Grieving with Hope – 1 Thessalonians 4:13-18

St. Paul writes to the the congregation in Thessalonica (1 Thessalonians 4:13-18) that he does not want them to be uninformed.  He speaks of the hope that we have in Jesus Christ; because Christ died and rose again, we too will rise from death since we are his people.  Paul calls death “sleep,” and Christ will rouse us from this sleep when he returns in order to be with him “always.”

Thus, Paul says that he does not want us to be uninformed about the future that awaits us, so that we do not grieve as others do who have no hope.  That is, we are not to grieve as do those for whom this present world and its trappings is all there is and who can’t bear to be separated from it.

You know these people.  They believe we are here by accident.  They believe the world is here purely by chance.  They believe there is no purpose and, ultimately, that there is no lasting meaning or plan for this world.  They believe that might makes right.  This sort of false theology has permeated our culture and we are beginning to reap the sad effects as death expands its reign over the land.

This sense of hopelessness is seen most vividly in the death of those with no hope.  You’ve gone to funerals where there was no hope, just mourning.  Just sad faces looking at a picture of the loved one they’ve lost to death.  These are those for whom death is the final word and which is not just a sleep, but the ultimate finality.  This sense of hopelessness is what Paul is writing to prevent.

For, we need not mourn like those people do, because we do have hope.  We hope in the resurrection of the body and the life everlasting.  We place our trust for the fulfillment of this hope in Jesus Christ.  It is he who has conquered death and the grave.  It is he who died and yet lives.  It is he who is returning for you, for us, and for all his people.  Because with Jesus Christ, death does not have the last word, it doesn’t get the final say.  Jesus is the Word of God who accomplishes all things.  He is the first and the last; there in the beginning of creation and there at the end for the resurrection of our bodies and the restoration of creation.

So, we grieve not as those who have no hope, but rather as those who do have a hope.  We are saddened at the loss of our loved ones to death.  We are upset when illness and age takes its toll.  We mourn when those whom we love most dearly are separated from us, even as they are separated from their bodies by the grave.  And yet, we have a hope which surpasses death.

And it’s a concrete hope, because it’s anchored in Jesus Christ who has defeated death.  You were baptized into his death and resurrection.  You’ve already died and risen with him.  And so when he returns you will live with him for eternity as you inherit the land he has prepared for you: a restored, perfect creation, enjoying a perfect communion among humanity, between humanity and God, and between humanity and all the rest of God’s creation.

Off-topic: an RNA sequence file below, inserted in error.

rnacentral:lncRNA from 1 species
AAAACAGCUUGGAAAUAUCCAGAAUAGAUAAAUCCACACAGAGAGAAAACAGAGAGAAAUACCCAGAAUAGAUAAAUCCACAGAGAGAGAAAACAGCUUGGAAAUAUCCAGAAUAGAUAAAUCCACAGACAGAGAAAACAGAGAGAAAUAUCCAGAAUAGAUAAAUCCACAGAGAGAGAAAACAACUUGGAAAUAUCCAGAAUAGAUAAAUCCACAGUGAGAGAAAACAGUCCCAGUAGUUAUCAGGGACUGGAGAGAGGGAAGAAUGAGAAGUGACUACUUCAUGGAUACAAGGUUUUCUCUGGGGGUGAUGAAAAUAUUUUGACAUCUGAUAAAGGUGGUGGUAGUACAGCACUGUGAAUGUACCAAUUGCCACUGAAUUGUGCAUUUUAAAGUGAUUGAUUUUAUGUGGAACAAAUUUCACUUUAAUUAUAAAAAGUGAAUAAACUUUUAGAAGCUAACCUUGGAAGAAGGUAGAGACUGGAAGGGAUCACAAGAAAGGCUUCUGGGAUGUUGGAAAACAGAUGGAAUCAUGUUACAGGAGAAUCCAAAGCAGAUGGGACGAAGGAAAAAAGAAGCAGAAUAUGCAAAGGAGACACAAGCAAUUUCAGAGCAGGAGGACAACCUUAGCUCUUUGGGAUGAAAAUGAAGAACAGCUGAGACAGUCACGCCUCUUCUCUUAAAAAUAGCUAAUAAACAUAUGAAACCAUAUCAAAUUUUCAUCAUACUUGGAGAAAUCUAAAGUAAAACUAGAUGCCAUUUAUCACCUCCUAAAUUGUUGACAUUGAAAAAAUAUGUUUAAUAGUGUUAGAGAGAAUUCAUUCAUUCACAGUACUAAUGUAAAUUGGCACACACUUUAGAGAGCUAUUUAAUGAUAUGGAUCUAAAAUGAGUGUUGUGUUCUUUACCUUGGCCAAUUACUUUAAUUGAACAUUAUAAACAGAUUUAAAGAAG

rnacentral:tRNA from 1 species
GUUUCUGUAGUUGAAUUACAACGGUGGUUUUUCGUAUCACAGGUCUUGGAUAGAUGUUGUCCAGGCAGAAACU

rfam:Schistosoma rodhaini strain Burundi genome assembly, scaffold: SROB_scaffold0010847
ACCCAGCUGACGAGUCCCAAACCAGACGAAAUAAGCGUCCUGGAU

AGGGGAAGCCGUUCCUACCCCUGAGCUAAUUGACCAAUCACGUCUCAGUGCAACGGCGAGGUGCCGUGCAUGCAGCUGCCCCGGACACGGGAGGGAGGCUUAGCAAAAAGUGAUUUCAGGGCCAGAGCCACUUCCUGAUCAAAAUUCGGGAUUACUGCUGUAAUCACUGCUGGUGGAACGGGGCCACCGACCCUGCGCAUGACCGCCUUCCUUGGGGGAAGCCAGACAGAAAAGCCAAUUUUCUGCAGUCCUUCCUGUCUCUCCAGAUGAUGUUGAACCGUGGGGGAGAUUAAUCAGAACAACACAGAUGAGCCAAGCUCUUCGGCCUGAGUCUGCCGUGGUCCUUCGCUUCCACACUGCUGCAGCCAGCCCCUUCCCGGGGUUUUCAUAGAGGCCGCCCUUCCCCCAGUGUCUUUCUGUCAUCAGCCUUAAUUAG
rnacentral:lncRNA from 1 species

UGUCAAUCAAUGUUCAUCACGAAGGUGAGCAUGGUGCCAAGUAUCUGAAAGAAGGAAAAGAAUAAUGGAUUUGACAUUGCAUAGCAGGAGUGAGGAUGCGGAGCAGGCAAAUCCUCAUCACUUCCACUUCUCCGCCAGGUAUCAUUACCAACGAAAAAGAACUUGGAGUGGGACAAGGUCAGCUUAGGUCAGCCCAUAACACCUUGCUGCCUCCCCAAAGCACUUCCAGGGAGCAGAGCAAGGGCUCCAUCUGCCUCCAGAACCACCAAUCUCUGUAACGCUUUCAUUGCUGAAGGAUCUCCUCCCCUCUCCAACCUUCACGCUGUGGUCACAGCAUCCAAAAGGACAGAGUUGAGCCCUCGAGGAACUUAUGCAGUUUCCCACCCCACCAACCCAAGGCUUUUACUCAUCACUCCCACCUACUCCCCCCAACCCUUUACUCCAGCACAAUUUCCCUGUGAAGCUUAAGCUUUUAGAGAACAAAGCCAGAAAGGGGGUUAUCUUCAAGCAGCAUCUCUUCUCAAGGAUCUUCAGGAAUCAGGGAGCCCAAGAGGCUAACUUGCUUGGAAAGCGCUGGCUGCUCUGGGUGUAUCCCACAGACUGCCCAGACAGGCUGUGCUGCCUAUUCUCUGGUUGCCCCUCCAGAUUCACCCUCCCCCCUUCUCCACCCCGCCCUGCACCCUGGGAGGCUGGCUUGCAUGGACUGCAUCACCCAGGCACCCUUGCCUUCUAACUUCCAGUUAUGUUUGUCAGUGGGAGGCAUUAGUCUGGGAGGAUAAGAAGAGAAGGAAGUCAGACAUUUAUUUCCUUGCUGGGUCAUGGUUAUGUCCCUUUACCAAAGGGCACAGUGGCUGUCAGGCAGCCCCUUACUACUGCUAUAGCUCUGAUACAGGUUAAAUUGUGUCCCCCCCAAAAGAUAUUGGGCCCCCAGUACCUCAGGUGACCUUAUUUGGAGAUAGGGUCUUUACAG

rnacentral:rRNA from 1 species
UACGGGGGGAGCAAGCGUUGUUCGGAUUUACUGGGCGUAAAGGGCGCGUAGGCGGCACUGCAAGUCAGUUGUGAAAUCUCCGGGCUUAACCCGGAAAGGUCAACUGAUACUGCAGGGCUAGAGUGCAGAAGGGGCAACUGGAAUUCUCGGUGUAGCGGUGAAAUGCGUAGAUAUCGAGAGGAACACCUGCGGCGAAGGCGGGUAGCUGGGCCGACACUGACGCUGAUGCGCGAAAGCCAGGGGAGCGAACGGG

But, all this lies in the horizon.  It’s coming one day with the rising of the sun and the victorious, glorious return of the Son of God.  We don’t know when it will be, and so we are called to watch and be faithful.  It may come in our lifetimes, it may come after our lifetimes while our bodies are burned up into dust or lie buried in the earth or sea.  But, the day is coming, because Christ has promised us that he will be with us always.  So, keep your lamps always lit and wait for his coming (cf. Matthew 25:1-13).

And when he comes, all the Church will be united with him.  Heaven and earth will come together then, God again dwelling directly with his people.  We have the first fruits of this heaven on earth even now, through God’s Word and Sacraments where He comes to His people and dwells among us through the power of the Holy Spirit.  But, on that last day, God will no longer use these mediated means of grace to come to us.  Instead, He will come to us directly, and we will behold our Lord and Savior Jesus Christ face to face.

No more death, no more sin, no more evil, no more mourning, no more crying, no more pain, no more hurt.  Just God and His people dwelling together in perfection for eternity.  This is our hope.  This is the horizon we look to.  We gaze past death to this future day when our hopes will be fulfilled, our faith will be made perfect, and our love will find its source in Jesus Christ.  Amen.


(Image: Icon of Second Coming (also used for All Saints Sunday). Christ is enthroned in the center surrounded by the angels and saints, Paradise is at the bottom, with the Bosom of Abraham (left) and the Good Thief (right) holding his cross. Greece. Around 1700 Wood, gesso, tempera. Size – 34.5 x 27 cm Private Collection. Bibliography Sotheby’s: Icons, Russian Pictures and Works of Art. London, 1991, p 155.  By Anonymous, Greece –, Public Domain, )